Belfast Telegraph

Outrage after 'most dangerous road in Ireland' claims 15 lives

Daniel McCrossan
Daniel McCrossan

By David Young

Fifteen people have died on what has been described as "the most dangerous road in Ireland" between 2015 and September last year, according to figures released to a campaigning MLA.

The shocking death toll on the A5 sparked a call by the SDLP's Daniel McCrossan to bring forward a long-awaited multi-million pound improvement scheme, first agreed by the NI Executive in 2007.

Mr McCrossan said: "These figures show that over the last four years alone, 15 people have died on what has become the most dangerous road in Ireland.

"Yet, due to a calamity of issues, the people of the West and North West still haven't seen progress on the A5 Western Traffic Corridor scheme that will save countless lives.

"It is reprehensible that this road scheme has faced so many obstacles, so much politics and so many delay

"The people here deserve so much better. Those holding back the scheme should hang their heads in shame."

In a letter to the MLA, the Department for Infrastructure revealed that between January 2015 and September 2018 there were 12 collisions on the A5 which resulted in 15 fatalities between Newbuildings and Aughnacloy. In September, Omagh pensioner Sean Reid (69) lost his life on the A5. His grieving brother Joe said the road was a "death trap".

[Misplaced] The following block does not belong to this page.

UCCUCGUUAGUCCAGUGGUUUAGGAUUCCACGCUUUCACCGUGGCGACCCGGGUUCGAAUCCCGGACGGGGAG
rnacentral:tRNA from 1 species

Last night the Department for Infrastructure confirmed it was working to get the A5 project under way later this year.

"The A5 remains a very high priority for the Department... construction works on Phase 1a could commence on site in late 2019," it said.

When complete, the new A5 dual carriageway will run for 53 miles between Newbuildings, near Londonderry, and Aughnacloy.

Some £80m has already been spent on the project, which had been bogged down in the courts after opposition from landowners, farmers and environmentalists. The most recent legal action ended in November after new powers were granted to civil servants to make decisions in the absence of Stormont ministers.

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